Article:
Monday, October 10, 2011

Rudas Baths

After all that walking around, it was time for a soak and a massage at the Rudas. Curiously, the large statue of St. Gellert on the Buda Hills overlooking the Danube is right near the Rudas and not the Gellert which actually bears his name.

St. Gellert was brought to Hungary from Venice. He was martyred by the then-heathen locals in 1046. By being placed in a barrel with spikes in it and rolled down the hill that now bears his name. Not even Texas will go that far in its executions. (Not enough hills.)

And just on the other side of the bridge is the most "Turkish" of the public thermal baths in Budapest: the Rudas. It has the domed roof and the octagonal main pool with only little shafts of light coming into the bathing area through holes in the dome.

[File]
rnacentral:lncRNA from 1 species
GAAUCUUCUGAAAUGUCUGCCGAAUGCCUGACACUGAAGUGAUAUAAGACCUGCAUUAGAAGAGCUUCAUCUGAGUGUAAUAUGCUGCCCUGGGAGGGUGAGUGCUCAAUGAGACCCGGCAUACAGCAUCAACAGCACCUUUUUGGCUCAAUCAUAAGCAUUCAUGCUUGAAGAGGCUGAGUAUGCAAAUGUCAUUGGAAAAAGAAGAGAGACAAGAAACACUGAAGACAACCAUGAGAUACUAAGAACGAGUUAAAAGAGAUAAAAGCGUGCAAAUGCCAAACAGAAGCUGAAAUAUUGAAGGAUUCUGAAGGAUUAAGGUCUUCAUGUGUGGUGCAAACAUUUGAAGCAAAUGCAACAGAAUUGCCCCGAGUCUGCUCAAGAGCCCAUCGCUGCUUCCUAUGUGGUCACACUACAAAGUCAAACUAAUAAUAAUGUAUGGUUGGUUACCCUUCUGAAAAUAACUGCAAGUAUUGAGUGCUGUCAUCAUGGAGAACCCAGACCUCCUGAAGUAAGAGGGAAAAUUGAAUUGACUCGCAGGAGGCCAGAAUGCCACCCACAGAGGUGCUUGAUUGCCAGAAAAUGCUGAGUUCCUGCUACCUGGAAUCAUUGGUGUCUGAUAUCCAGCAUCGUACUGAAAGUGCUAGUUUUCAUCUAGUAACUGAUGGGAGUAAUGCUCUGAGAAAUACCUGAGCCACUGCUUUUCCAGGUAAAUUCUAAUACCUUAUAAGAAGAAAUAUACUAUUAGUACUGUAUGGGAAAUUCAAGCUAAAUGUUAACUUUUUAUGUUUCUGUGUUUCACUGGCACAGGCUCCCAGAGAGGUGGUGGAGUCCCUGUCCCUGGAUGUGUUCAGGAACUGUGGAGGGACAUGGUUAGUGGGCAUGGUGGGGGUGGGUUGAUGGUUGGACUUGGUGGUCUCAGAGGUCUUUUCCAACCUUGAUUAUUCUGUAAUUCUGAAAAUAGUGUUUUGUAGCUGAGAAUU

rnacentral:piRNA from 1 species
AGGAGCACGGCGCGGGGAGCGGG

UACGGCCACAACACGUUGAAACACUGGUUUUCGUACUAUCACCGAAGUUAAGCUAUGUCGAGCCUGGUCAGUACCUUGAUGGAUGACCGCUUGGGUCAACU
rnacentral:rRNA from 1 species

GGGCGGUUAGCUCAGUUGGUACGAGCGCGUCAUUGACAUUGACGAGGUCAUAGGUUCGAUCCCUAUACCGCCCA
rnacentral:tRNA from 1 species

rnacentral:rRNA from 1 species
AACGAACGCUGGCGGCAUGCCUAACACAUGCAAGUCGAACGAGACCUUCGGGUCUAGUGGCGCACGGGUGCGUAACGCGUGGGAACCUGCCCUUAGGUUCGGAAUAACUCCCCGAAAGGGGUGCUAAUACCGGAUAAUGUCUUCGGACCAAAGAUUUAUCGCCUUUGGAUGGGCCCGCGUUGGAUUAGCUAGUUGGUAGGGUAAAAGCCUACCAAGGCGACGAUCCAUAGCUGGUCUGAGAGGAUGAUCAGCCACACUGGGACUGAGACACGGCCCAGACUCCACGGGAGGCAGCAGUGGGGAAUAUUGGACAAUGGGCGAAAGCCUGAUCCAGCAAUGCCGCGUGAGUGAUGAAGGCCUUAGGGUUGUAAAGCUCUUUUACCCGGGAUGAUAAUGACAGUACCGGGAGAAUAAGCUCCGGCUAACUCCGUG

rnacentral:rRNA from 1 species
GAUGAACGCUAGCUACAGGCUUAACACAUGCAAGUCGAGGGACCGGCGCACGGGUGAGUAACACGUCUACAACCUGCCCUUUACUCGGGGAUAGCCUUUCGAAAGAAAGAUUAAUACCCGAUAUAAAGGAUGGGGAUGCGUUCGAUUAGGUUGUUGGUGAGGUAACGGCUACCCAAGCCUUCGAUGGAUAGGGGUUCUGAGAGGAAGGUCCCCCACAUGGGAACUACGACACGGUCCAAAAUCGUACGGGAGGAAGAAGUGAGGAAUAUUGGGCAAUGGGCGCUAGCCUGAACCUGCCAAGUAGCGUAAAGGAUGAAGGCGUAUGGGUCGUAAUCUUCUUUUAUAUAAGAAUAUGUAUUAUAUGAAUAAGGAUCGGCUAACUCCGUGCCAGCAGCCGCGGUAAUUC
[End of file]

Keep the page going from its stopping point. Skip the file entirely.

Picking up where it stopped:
You come in through the lobby and then it's "no pictures allowed" territory. You pay for everything before entering, including the massage, and you are given a "wristwatch" looking device that records what you've paid for, and what changing cabin has been assigned to you. The wristwatch is even the key that unlocks the lock on the changing cabin. Very high tech for what is otherwise such a 16th Century environment. I had one of those Hungarian soap-and-water massages, where you lie on a table and the masseur soaps you down limb by limb. It's not deep tissue, although the masseur did use a lot of knuckle on my quads, hams, back, and (productively painful) my feet. But it's a little more vigorous than a Swedish type massage. It's all so Hungarian.

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